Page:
Charles Dickens, David Copperfield: Ch. 27

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Tommy Traddles

It may have been in consequence of Mrs. Crupp's advice, and, perhaps, for no better reason than because there was a certain similarity in the sound of the word skittles and Traddles, that it came into my head, next day, to go and look after Traddles. The time he had mentioned was more than out, and he lived in a little street near the Veterinary College at Camden Town, which was principally tenanted, as one of our clerks who lived in that direction informed me, by gentlemen students, who bought live donkeys, and made experiments on those quadrupeds in their private apartments. Having obtained from this clerk a direction to the academic grove in question, I set out, the same afternoon, to visit my old schoolfellow.

I found that the street was not as desirable a one as I could have wished it to be, for the sake of Traddles. The inhabitants appeared to have a propensity to throw any little trifles they were not in want of, into the road: which not only made it rank and sloppy, but untidy too, on account of the cabbage-leaves. The refuse was not wholly vegetable either, for I myself saw a shoe, a doubled-up saucepan, a black bonnet, and an umbrella, in various stages of decomposition, as I was looking out for the number I wanted.

The general air of the place reminded me forcibly of the days when I lived with Mr. and Mrs. Micawber. An indescribable character of faded gentility that attached to the house I sought, and made it unlike all the other houses in the street—though they were all built on one monotonous pattern, and looked like the early copies of a blundering boy who was learning to make houses, and had not yet got out of his cramped brick-and-mortar pothooksw—reminded me still more of Mr. and Mrs. Micawber. Happening to arrive at the door as it was opened to the afternoon milkman, I was reminded of Mr. and Mrs. Micawber more forcibly yet.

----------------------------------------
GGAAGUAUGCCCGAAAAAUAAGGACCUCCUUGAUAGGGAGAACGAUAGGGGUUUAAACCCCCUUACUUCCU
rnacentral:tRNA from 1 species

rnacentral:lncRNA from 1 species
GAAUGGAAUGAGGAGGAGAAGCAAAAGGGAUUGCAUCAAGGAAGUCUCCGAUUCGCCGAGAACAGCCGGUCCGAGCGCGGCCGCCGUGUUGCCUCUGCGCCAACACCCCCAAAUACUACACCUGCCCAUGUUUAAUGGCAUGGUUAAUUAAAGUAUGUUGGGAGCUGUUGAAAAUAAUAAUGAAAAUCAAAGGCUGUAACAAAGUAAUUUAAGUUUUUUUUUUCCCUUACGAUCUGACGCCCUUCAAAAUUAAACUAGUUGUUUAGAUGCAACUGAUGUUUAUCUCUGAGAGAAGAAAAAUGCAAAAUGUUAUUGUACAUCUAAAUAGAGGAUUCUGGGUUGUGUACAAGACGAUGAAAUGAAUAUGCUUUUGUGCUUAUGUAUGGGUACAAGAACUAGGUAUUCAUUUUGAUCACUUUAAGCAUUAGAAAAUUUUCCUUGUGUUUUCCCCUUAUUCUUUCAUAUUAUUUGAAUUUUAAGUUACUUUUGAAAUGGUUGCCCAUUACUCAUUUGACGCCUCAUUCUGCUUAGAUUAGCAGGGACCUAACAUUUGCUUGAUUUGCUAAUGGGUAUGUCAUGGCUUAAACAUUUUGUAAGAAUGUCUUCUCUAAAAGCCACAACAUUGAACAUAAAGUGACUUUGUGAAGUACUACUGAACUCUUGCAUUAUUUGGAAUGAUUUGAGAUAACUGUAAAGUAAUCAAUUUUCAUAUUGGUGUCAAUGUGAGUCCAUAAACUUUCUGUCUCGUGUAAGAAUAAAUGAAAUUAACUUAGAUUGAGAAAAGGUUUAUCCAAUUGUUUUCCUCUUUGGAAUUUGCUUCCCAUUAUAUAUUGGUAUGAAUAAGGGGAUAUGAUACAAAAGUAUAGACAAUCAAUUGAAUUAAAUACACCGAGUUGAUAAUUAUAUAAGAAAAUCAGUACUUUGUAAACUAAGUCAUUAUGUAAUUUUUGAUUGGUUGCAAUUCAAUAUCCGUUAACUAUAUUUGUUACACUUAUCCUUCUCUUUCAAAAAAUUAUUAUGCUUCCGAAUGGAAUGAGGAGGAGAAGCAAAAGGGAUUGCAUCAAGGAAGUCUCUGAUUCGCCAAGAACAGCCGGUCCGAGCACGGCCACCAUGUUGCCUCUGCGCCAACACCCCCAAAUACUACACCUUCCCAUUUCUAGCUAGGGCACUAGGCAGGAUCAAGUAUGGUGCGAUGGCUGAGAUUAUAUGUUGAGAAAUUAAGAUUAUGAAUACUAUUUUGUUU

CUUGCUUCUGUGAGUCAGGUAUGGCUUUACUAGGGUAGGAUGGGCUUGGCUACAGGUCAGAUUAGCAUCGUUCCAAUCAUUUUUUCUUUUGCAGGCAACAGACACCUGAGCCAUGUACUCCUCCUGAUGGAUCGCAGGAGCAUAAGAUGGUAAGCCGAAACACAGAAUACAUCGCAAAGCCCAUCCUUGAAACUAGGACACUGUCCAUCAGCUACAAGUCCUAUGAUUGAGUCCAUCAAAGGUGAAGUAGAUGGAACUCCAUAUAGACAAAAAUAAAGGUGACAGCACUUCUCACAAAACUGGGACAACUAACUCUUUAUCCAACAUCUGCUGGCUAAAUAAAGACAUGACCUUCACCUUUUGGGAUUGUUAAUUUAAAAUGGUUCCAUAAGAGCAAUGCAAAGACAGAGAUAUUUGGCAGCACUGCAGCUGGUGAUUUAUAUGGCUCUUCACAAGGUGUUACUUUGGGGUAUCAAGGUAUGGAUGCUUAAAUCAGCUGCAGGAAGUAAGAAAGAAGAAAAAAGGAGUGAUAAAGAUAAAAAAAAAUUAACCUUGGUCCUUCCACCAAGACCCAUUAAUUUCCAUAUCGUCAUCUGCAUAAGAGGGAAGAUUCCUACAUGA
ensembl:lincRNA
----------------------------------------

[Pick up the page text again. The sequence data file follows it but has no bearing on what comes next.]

'Now,' said the milkman to a very youthful servant girl. 'Has that there little bill of mine been heerd on?'

'Oh, masterd says he'll attend to it immediate,' was the reply.

'Because,' said the milkman, going on as if he had received no answer, and speaking, as I judged from his tone, rather for the edification of somebody within the house, than of the youthful servant—an impression which was strengthened by his manner of glaring down the passage—'because that there little bill has been running so long, that I begin to believe it's run away altogether, and never won't be heerd of. Now, I'm not a going to stand it, you know!' said the milkman, still throwing his voice into the house, and glaring down the passage.

As to his dealing in the mild article of milk, by the by, there never was a greater anomaly. His deportment would have been fierce in a butcher or a brandy-merchant.

The voice of the youthful servant became faint, but she seemed to me, from the action of her lips, again to murmur that it would be attended to immediate.

'I tell you what,' said the milkman, looking hard at her for the first time, and taking her by the chin, 'are you fond of milk?'

'Yes, I likes it,' she replied. 'Good,' said the milkman. 'Then you won't have none tomorrow. D'ye hear? Not a fragment of milk you won't have tomorrow.'

I thought she seemed, upon the whole, relieved by the prospect of having any today. The milkman, after shaking his head at her darkly, released her chin, and with anything rather than good-will opened his can, and deposited the usual quantity in the family jug. This done, he went away, muttering, and uttered the cry of his trade next door, in a vindictive shriek.

'Does Mr. Traddles live here?' I then inquired.

X [w] brick-and-mortar pothooks

Things

Hooks in the fireplace and used for hanging pots and pans. 

X [d] master

Not Traddles but the people from whom he rents a room.